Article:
There was no money at all to do anything fun, but Michael reminded me that he’d gotten me ten dollars cash from the ATM for emergencies awhile ago. It was still in my purse. This anxiety counted as an emergency. I could drive to Weirton and go swimming at the rec center while he looked after Rosie and her homeschooling.
I packed my suit and got on the freeway for Weirton. The freeway was extremely crowded and confusing with construction. I went past my exit, got off at the next one, and headed back on the opposite side of the freeway. I was within sight of downtown and the rec center, when I got in an accident.
I’m still not 100% sure what happened. The friendly highway patrol officer laughed at my panic and said this happens on this stretch of the freeway all the time. The friendly paramedics smiled politely when it took me a long time to say whether I was all right or not. I’m happy to report that the driver and the enormous SUV that crashed into my little Nissan are both completely unhurt. But my badly dented car had to be taken to Wellsburg in a tow truck– all except a piece of a tire and the mirror, which are still somewhere on Route 22.
The policeman who drove me down to the Weirton library so I could wait for a ride home in the air conditioning was very personable.
The loudest voice of all was Mary in my mind, either the prettier version of me or the ruthless Virgin Mary or both. “Ha ha. Your car is gone. Your freedom is gone. You’re never getting it back. You can’t afford it. Your insurance will go up. Your family will find out about this and laugh at you. It’s all your fault for wanting to go swimming.”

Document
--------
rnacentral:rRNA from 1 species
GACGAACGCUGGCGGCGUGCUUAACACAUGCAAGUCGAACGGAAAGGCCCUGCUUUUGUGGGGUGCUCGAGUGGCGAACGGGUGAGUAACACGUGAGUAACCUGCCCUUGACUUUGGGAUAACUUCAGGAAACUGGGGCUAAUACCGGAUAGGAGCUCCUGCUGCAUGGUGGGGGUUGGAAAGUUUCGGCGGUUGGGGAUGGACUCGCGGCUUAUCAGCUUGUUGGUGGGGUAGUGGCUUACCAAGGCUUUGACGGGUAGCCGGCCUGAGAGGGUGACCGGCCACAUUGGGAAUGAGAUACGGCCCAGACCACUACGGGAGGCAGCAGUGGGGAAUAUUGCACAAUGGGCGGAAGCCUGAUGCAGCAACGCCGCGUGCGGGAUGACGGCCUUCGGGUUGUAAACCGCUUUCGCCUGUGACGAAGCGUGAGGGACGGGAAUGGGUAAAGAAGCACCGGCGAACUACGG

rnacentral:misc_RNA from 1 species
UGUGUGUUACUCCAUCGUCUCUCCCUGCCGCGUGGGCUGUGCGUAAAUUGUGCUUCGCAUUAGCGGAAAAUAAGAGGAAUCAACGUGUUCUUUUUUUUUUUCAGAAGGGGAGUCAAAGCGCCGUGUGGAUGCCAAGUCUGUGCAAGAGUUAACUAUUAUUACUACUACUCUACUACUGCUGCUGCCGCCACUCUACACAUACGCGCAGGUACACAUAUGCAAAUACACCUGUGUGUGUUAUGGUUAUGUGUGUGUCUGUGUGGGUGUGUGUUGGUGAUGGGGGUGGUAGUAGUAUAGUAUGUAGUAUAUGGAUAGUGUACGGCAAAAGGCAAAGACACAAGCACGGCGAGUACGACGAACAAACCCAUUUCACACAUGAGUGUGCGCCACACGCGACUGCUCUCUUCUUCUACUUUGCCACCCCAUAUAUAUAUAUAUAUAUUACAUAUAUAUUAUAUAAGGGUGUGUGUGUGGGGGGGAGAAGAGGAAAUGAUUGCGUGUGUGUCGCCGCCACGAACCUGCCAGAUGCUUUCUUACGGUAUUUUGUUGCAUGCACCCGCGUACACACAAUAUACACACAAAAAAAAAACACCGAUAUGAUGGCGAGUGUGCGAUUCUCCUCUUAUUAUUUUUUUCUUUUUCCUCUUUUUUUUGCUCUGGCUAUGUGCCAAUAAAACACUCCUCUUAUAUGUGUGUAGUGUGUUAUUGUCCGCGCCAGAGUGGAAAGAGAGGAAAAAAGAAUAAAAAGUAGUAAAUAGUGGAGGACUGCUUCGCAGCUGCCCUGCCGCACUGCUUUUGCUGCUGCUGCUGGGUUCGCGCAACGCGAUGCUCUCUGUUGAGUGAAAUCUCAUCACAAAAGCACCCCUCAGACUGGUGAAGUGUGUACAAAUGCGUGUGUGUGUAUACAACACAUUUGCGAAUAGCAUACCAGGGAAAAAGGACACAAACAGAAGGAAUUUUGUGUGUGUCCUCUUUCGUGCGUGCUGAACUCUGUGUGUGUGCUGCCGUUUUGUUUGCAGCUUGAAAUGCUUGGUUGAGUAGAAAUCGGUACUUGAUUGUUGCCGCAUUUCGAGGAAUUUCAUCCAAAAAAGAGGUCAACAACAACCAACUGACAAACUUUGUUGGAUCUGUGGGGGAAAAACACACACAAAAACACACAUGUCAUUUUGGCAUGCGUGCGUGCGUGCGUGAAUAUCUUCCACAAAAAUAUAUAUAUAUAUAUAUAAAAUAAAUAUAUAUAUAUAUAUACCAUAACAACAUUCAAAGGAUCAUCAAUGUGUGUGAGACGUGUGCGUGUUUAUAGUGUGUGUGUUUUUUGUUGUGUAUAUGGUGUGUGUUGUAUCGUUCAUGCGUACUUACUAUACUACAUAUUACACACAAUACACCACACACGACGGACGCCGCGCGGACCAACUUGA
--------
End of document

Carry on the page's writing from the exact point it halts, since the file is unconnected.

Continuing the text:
At the library, I realized my phone was completely out of juice. I tried to get on Facebook to message for help on the library computer, but both Facebook and my email demand to send a message to my phone to verify an unrecognized device, and I couldn’t turn my phone on.
I explained my predicament to a kindly-looking old librarian, who got out an enormous box of chargers, but none of them fit. So she herself offered to drive me home after her shift.
There are lots of Greek people among the population of downtown Weirton, so I wasn’t surprised to see an Orthodox church bulletin flung onto the librarian’s driver’s seat and a messy stack of icons fanned out like playing cards in the cup holders. There was another icon dangling from the rearview mirror on a leather thong.
It was an icon of the Most Holy Theotokos, of course: not the frightening white-clad troublemaker of Fatima but a woman in a red veil, embracing a stern-looking Child. I’d forgotten until now that one of the reasons I was drawn to Eastern Catholicism was the thought that if I just got away from Western depictions of the Virgin Mary, I might learn to like her.
I reached out to touch it without thinking about it.
“Are you Byzantine?” the librarian asked, apropos of nothing. Not “are you Orthodox?” but “Are you Byzantine?”
I started. “Well… no, not… I was, I, ah, I worship at the Latin church right now. But I like to go to the Orthodox church downtown for paraklesis.”
The librarian started telling stories about how she knew the former pastor of that church’s parents when he was a baby. She tried to call him “Father” when he was ordained, but he looked sad and told her to call him “Nicky” like he used to.
I kept gazing on the icon of the Most Holy Theotokos, and she kept gazing at me.
“I am trying to forgive you for all of this. And if you ever want to make up for it, you know where I live.”
Sometimes that’s all the prayer I have.
Image via Pixabay
Mary Pezzulo is the author of Meditations on the Way of the Cross and Stumbling into Grace: How We Meet God in Tiny Works of Mercy.